Miami Arts Week Taking place in South Florida, it is anchored by Art Basel Miami Beach. We were on the scene attending parties in the area that included artist Janelle Monáe, director Harmony Korine and prominent figures from the art world.
Harmony korine presents miami to edglrd
Pop star Camila Cabello enthusiastically greeted Harmony Korine Thursday night inside El Palenque nightclub in Miami’s Little Havana neighborhood.
Mr. Korine, a director and artist, drew about 600 people, including Ms. Cabello, to the sprawling space decorated with red neon lights. It was an introduction, for many, to his new design range, Edgelardpronounced “master of the edge,” is a reference to online trolls who are known for flirting and enjoying controversy.
“I just want to work on future content,” said Mr. Koren, 50, adding: “I think it comes after linear logic.” What is more sensual? What is most integral to a specific feeling or type of thing that goes beyond simply expressing it?
Inside the club, the DJ stage was surrounded by LED screens with visual effects and animation mimicking Mr. Korine’s new film, “Aggro Dr1ft,” which screened this year at film festivals in Toronto and New York.
The audience at the event included comedian Hannibal Buress, artist Alex Israel, and skateboarder Evan Mock. The party was hosted by Boiler Room, an online broadcaster and promoter of the club. The evening opened with a set of songs by AraabMuzik, who composed the music for Mr. Koren’s film, followed by rapper BLP Kosher from Florida and rapper Yung Lean from Sweden.
At about 1 a.m., Mr. Koren, wearing a yellow mask resembling a skull with horns in reference to the song “Aggro Dr1ft,” stepped up to the turntable for what he said was his first public appearance as a DJ.
Mr. Koren described the sound, a heady mix of Brazilian funk with elements of trap music, South Florida rap, and 1990s pop and metal, as something made by “slum players.”
Around him, people in white suits and masks swayed to the beat of the music, and women in long neon green wigs stood and stared straight ahead.
To prepare for the set, Mr. Koren said he “smoked a lot of e-cigarettes, drank a lot of Mountain Dew, ate pancakes, sat on a boat, and listened to a lot of Brazilian music.”
He wanted to try the craft, he said, because “I thought it was the right time.”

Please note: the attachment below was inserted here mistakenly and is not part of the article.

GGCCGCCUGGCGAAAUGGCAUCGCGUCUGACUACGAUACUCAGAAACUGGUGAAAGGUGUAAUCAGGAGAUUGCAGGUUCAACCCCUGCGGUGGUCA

Mickalene Thomas toasts Art Basel with Janelle Monae
On Wednesday night, artists, curators and musicians gathered under palm trees for an event celebrating artist Mickalene Thomas at the Miami Beach Edition Hotel.
Ms. Thomas was showing her work at Art Basel Miami Beach and released a capsule collection in collaboration with Shop with Google, which included T-shirts, a sweatshirt and a baseball cap featuring some of her motifs.
“What interests me about this night is the community of people here together,” Ms. Thomas said. “It’s about celebrating women.”
Guests, including actress Tasha Smith, musician George Clinton, and gallerist Yancey Richardson, milled around a poolside bar sipping rosé while servers passed out pockets of pepperoni pizza and chicory salads.
At around 8:30 p.m., Janelle Monáe climbed to the top of a diving board suspended above the pool wearing a custom cape made of black-and-white ruffled fabric flowers that she designed with Ray Ortiz.
“Happy birthday, my love!” Actress Yvonne Orji shouted the name of Ms. Monáe, 38, and took the microphone.
Over the course of about 30 minutes, Ms. Monáe performed several of her hits, including “Float,” “Make Me Feel” and “Come Alive.”
“I’m here for you, Mickalene,” she told the crowd. “I love you so much. One of the greatest artists of our time. My friend. My sister.”
As she was wrapping up her set, Ms. Monáe walked into the blue waters behind her, fully dressed, and swam to the other side.
The audience cheered, and Ms. Monáe returned to the stage, finished the show and walked out, wrapped in a large white towel.
Gagosian Canals Amalfi Coast
On a Tuesday evening, blocks from the luxury accommodations on Collins Street, a disco ball slowly spun over the pool while a DJ played a mix of Afro-Caribbean jazz, disco and Italian pop.
Before opening Art Basel Miami Beach to VIP clients, the distinguished Gagosian gallery hosted a party at Freehand Miami, with a crowd of more than 600 gathered at the hotel’s Broken Shaker bar and Restaurant 27.
The evening was designed in part to channel the laid-back energy of Italian hotel Le Sirenuse before a week dedicated to art fairs and luxury consumption shifts into high gear.
“Relax,” chanted Antonio Sersal, owner of Le Serenuse, as he paced around the courtyard convivially like a hotelier dealing with the good life. Servers were stocked with fried oysters, and stations were set with tacos and ceviche.
(Members of Gagosian’s staff, as well as many of the show’s clients, are fans and regular guests at the five-star family-owned hotel, organizers said.)
Attendees included Jeremy Pope, actor and artist who participated in the Scope Art Show; Photographer Tyler Mitchell. Artist Chloe Wise; and Meredith Darrow, an art consultant whose clients include Kim Kardashian. Guests drank champagne and margaritas poolside and chatted with work friends. Larry Gagosian, owner of the gallery, did not attend.
Ms. Wise, who is exhibiting her work at Art Basel Miami Beach, said she plans to celebrate her birthday, see art and go to the beach.
“I feel very connected to Miami and Florida in a humorous and inspiring way,” she said, specifically referring to the bikini shops near the beach.
“It’s this combination of something I like to make fun of, something I look at, something I participate in, and I find it’s kind of a funny, but meaningful, American consumer space,” she continued.
“Travel junkie. Coffee lover. Incurable social media evangelist. Zombie maven.”